Some people have great credit and pay less in interest (which means less money/less risk for the banks) and some people have poor credit and are charged incredibly high rates of interest on the money they borrow (more money/more risk for the banks).

DeFi differentiates itself from traditional financial markets when it comes to the level of risk to investors assume upon entry in the following ways:

  • DeFi is unregulated — There is no one in control of the transactions and no legal or regulatory framework to ensure transactions are secure, fair, or compliant.
  • Security vulnerabilities — The technology is still relatively new, it is possible that bugs or lax security protocols could lead to financial losses.
  • Lack of Liquidity — Many DeFi projects are still in the early stages and have only been tested on a small scale — there are fewer buyers and sellers and the market may be less liquid than traditional financial markets. This can make it more difficult for investors to exit positions if necessary.
  • Fraud — Most DeFi projects are decentralized and often anonymous, it is possible for scammers to take advantage of unsuspecting users, either through phishing scams or other fraudulent activities. Therefore, it is important to do thorough research before investing in any DeFi project.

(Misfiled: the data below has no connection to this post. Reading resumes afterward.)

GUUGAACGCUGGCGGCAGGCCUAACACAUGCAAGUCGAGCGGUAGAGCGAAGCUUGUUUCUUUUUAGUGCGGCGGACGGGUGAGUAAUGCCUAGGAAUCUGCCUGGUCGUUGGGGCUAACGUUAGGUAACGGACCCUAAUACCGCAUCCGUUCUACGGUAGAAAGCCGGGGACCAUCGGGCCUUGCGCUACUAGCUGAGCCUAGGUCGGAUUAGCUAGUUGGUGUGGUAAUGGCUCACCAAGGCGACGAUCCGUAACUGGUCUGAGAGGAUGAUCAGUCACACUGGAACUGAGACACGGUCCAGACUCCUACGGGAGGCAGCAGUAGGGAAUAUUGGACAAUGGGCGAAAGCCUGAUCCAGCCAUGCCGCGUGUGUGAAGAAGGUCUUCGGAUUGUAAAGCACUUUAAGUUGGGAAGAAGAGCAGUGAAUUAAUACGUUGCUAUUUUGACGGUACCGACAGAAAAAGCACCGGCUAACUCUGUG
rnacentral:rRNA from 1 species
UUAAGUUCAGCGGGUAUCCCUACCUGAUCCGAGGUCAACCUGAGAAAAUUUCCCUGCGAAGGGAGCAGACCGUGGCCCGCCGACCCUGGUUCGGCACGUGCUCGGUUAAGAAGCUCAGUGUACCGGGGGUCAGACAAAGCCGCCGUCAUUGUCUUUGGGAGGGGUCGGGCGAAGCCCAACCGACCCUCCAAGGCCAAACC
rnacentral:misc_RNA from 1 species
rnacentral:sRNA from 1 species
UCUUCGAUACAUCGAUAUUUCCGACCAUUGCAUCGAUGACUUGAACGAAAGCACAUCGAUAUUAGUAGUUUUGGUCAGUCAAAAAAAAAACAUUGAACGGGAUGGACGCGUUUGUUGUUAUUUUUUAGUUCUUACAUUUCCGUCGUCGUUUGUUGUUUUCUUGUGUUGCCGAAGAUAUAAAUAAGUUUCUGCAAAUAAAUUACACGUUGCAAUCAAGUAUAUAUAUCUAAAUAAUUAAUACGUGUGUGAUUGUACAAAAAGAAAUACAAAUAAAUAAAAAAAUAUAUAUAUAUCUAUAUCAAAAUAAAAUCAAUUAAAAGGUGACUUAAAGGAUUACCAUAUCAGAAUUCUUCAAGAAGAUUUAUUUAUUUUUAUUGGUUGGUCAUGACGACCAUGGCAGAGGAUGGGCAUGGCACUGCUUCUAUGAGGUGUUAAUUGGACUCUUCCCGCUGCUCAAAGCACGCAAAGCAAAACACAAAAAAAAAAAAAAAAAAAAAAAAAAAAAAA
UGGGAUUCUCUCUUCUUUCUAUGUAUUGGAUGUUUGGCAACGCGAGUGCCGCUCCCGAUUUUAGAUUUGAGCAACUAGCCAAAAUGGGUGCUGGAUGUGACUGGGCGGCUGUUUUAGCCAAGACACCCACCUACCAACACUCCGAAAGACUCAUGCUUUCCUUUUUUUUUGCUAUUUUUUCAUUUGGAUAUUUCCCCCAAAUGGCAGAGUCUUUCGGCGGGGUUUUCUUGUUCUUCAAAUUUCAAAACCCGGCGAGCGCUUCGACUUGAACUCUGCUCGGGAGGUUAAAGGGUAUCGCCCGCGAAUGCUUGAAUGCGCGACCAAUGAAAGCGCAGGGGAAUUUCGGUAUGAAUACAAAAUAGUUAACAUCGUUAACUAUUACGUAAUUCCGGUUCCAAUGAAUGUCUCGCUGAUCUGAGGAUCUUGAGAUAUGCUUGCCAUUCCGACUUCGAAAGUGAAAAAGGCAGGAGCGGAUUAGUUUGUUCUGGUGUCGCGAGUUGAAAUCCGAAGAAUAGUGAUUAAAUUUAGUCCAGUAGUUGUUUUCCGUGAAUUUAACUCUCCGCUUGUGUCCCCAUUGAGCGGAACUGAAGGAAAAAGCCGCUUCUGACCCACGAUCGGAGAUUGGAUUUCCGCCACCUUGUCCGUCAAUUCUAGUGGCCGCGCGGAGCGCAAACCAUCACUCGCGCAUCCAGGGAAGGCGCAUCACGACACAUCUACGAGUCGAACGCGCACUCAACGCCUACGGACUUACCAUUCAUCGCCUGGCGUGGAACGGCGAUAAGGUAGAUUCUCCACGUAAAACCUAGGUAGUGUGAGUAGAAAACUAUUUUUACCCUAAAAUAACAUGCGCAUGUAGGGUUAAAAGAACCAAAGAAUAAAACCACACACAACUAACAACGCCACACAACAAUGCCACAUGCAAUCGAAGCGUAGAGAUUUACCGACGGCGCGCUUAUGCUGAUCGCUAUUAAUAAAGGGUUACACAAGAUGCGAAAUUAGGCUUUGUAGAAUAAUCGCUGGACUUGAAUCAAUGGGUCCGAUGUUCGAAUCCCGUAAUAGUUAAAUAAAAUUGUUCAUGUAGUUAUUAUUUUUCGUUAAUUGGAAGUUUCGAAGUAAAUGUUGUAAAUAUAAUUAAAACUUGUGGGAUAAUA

Risk is risk, regardless of which financial market you invest in — the difference is that traditional banks have the ability to spread this risk throughout various products and services and if borrowers default on their loans, the bank either writes the losses off to reduce their tax bill, or they sell the bad debt to another entity (and still write the loss off) to further minimize their losses.

As an individual or small project/company operating like a bank, you may not be able to absorb a great deal of risk and the result could be crippling.

The Ugly…

In my experience, people who are on a journey to get instant wealth come from a place of desperation and are incredibly inexperienced. Risk is never really considered and as a result, they unwittingly assume too much of it (recipe for disaster).